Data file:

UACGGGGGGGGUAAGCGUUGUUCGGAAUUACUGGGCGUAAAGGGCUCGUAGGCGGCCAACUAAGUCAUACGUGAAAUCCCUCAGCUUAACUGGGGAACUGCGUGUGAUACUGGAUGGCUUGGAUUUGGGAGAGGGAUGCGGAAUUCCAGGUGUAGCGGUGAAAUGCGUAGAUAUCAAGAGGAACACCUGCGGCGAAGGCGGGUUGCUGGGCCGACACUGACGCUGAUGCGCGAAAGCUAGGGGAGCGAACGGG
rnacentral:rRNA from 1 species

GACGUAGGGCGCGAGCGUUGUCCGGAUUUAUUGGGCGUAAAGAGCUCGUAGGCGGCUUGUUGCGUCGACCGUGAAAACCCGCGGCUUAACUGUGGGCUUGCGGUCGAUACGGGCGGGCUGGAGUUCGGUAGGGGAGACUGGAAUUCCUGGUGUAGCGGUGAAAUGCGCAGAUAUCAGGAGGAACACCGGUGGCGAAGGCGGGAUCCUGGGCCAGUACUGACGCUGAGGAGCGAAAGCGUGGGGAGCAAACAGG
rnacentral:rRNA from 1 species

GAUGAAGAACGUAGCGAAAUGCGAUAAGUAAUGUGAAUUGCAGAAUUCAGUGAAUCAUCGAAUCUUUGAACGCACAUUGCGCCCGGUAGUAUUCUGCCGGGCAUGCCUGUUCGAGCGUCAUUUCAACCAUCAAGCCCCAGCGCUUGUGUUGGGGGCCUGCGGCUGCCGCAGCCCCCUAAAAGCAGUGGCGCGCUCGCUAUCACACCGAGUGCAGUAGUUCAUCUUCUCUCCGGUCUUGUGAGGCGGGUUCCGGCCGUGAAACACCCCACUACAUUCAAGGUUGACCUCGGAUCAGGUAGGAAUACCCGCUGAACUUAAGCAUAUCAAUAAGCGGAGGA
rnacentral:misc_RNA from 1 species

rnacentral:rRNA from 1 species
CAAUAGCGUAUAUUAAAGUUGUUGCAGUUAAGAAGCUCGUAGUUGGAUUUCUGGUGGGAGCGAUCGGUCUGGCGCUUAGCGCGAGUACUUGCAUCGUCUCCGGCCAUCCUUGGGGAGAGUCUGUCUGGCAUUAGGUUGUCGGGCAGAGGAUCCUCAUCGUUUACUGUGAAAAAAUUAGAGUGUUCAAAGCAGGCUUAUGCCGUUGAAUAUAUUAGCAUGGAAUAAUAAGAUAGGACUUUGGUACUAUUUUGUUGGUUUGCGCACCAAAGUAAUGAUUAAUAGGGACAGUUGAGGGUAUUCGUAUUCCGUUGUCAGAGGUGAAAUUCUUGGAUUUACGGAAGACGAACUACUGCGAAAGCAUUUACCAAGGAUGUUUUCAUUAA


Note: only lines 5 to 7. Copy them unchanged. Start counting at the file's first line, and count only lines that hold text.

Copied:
GAUGAAGAACGUAGCGAAAUGCGAUAAGUAAUGUGAAUUGCAGAAUUCAGUGAAUCAUCGAAUCUUUGAACGCACAUUGCGCCCGGUAGUAUUCUGCCGGGCAUGCCUGUUCGAGCGUCAUUUCAACCAUCAAGCCCCAGCGCUUGUGUUGGGGGCCUGCGGCUGCCGCAGCCCCCUAAAAGCAGUGGCGCGCUCGCUAUCACACCGAGUGCAGUAGUUCAUCUUCUCUCCGGUCUUGUGAGGCGGGUUCCGGCCGUGAAACACCCCACUACAUUCAAGGUUGACCUCGGAUCAGGUAGGAAUACCCGCUGAACUUAAGCAUAUCAAUAAGCGGAGGA
rnacentral:misc_RNA from 1 species

rnacentral:rRNA from 1 species